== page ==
When you think of bananas foster, what do you think of? Maybe you're envisioning table-side service with a warm skillet, cinnamon, some banana liqueur, butter, brown sugar, bananas, and rum, all married in flames and presented with a big ol' scoop of vanilla ice cream. That's exactly the way they do it at Brennan's in New Orleans, a beloved Big Easy institution that's been around since 1946. And, if you didn't already know – Brennan's was actually the inventor of this world-famous dessert.
Ralph Brennan, son in the Brennan family, is still the restaurant's owner to this day, and recounted the story: "One of the desserts that we're most famous for is Bananas Foster, which was actually created by my family for Mr. Richard Foster to honor him. He was a prominent business man here and he was getting an award; he'd done some work on corruption in the city." Little did they know that bananas foster would grow into being a Southern classic, with folks coming from across the world to try out the dish in its birthplace. "It's a very rich, sinful dessert. But I think it's the whole show that you get," Ralph said. "People love to see it, and we get a lot of people who come in here to get only that dish."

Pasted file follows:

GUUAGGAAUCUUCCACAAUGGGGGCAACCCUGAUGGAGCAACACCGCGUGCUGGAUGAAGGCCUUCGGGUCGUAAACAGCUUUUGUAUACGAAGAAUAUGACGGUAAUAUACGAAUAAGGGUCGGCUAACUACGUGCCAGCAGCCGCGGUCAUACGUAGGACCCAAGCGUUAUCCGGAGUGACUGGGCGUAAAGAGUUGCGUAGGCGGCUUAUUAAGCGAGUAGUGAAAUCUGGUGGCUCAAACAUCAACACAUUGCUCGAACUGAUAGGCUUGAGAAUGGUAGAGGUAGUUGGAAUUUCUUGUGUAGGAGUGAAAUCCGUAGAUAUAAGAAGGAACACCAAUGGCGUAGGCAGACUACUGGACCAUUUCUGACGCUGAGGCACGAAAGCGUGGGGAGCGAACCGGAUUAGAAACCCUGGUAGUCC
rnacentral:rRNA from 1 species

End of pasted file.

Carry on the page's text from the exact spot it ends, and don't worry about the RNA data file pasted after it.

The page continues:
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But, the Brennan family played a larger role in bananas foster than just creating a sugary, caramelized banana dessert. As it turns out, the family was involved in actually bringing bananas to the South. "New Orleans was one of the largest ports to import bananas into the United States," Ralph explained. "First my great-grandfather started with a cart in the French Quarter and it led to importing bananas and growing bananas in Central America. My grandmother, Grandmother Brennan, actually used to brûlée bananas at home for breakfast. So, there are a number of different connections to bananas."
It's only fitting that in the 300th anniversary of the city of New Orleans, Brennan's is still a family owned spot serving up bananas foster seven nights a week to hungry customers. In fact, Ralph's oldest daughter and son also work in the restaurant, and it's their father's hope to one day turn over the business. "It makes me very proud, especially to see them in the dining room walking around, talking to customers," Ralph said. "Customers get to know them, and they're working their way up. Because I think that's the best way to learn."